U.S. District Judge Timothy S. Black has ordered that a Cincinnati same-sex couple married in Maryland is entitled to a temporary restraining order requiring the local Ohio Registrar of death certificates in Cincinnati to record them as married when one, fatally ill, passes away. The July 22 ruling followed a dramatic trip on July 11 by James Obergefell and John Arthur in a special medically-equipped jet to an airport in Anne Arundel County, Maryland, where they were married in the jet while it sat on the tarmac. The case is Obergefell v. Kasich, 2013 U.S. Dist. LEXIS 102077 (S.D. Ohio).
Obergefell and Arthur have lived together in “a committed and intimate relationship” for twenty years. Arthur is dying from Lou Gehrig’s disease, and they resolved to be married before he died. With the U.S. Supreme Court’s Windsor ruling on June 26, striking down Section 3 of the Defense of Marriage Act, they took the chance that a marriage quickly performed in Maryland might be recognized in Ohio. This was crucial to establish Obergefell’s status as a surviving spouse which, among other things, would qualify him to ultimately be buried next to Arthur in the family plot at Spring Grove Cemetery where Arthur wishes to be buried. It might also, of course, entitle Obergefell to federal recognition as a surviving spouse for tax and benefits purposes, even if Ohio refused to recognize the marriage.
Judge Black concluded, based on the Windsor ruling, that, at least for purposes of issuing the requested temporary injunctive relief, Obergefell and Arthur are entitled to the remedy they are seeking. “This is not a complicated case,” he wrote. “The issue is whether the State of Ohio can discriminate against same sex marriages lawfully solemnized out of state, when Ohio law has historically and unambiguously provided that the validity of a marriage is determined by whether it complies with the law of the jurisdiction where it was celebrated.” Most of Black’s opinion is devoted to reviewing the well-established Ohio rule, which has been applied to recognize a variety of marriages that could not have been performed in Ohio.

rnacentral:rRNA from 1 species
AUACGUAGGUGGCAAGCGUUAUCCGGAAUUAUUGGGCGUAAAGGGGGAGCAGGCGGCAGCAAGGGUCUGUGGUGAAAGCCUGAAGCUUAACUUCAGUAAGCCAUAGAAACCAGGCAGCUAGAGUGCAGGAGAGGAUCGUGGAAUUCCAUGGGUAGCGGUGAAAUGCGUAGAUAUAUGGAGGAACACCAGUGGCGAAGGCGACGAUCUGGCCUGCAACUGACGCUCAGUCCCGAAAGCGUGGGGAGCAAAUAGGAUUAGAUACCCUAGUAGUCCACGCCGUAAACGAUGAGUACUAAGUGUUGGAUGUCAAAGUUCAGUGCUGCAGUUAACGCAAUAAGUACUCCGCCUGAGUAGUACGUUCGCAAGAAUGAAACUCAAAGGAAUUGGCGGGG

For Black, the bottom line of the Windsor decision is that it violates federal equal protection requirements for a state to accord unequal treatment to married same-sex couples. The U.S. Supreme Court found unavailing all purported justifications for the federal government to deny recognition to such marriages. “Even if the classification of same-sex couples legally married in other states is reviewed under the last demanding rational basis test,” wrote Black, “this Court on this record cannot find a rational basis for the Ohio provisions discriminating against lawful, out-of-state same sex marriages that is not related to the impermissible expression of disapproval of same-sex married couples. Consequently, Plaintiffs have demonstrated a strong likelihood of success on the merits.”
He also found easily satisfied the remaining requirements for pre-trial relief: irreparable injury to the plaintiffs if relief is not granted, lack of any harm to the defendants (Governor John Kasich and other state officials) if relief is granted, and the public interest, as to which he quoted a prior case stating, “the public interest is promoted by the robust enforcement of constitutional rights.”
Although the court’s order runs only to the local Death Registrar, it lays the groundwork for a more permanent order requiring Ohio to recognize out-of-state marriages. The opinion makes no reference to Section 2 of DOMA, which purports to excuse states from affording “full faith and credit” to same-sex marriages contracted in other states, and which was not at issue in the Windsor case. For Judge Black, however, federal equal protection clearly trumps Ohio’s anti-marriage constitutional amendment and statutes.
Judge Black was appointed to the federal district court in Cincinnati by President Obama in 2009.